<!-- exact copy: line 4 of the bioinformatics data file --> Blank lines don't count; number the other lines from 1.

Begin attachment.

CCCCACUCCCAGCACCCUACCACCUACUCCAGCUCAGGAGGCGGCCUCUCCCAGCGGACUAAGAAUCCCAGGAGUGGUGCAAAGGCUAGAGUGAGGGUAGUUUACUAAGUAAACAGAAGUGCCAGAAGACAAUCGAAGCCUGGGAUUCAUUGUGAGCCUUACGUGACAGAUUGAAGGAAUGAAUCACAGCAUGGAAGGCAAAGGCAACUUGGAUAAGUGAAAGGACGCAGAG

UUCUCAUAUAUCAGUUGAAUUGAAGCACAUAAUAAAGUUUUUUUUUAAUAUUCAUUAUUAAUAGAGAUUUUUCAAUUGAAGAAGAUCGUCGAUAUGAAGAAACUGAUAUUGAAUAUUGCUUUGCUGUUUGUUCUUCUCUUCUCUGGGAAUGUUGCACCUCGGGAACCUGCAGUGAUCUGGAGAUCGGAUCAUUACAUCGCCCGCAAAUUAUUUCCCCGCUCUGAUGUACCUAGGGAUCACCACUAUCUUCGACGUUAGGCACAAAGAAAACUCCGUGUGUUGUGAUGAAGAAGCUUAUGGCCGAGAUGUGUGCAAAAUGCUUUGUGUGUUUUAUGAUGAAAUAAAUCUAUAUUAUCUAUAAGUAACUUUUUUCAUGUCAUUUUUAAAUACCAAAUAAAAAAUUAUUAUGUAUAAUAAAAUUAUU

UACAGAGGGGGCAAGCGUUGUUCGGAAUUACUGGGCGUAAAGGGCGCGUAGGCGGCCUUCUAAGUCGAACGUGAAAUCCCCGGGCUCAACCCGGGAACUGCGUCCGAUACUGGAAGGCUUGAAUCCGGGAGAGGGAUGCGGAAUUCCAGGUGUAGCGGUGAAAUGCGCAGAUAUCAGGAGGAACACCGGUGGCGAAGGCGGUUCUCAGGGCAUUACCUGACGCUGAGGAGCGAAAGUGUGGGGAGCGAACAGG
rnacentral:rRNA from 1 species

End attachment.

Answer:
rnacentral:rRNA from 1 species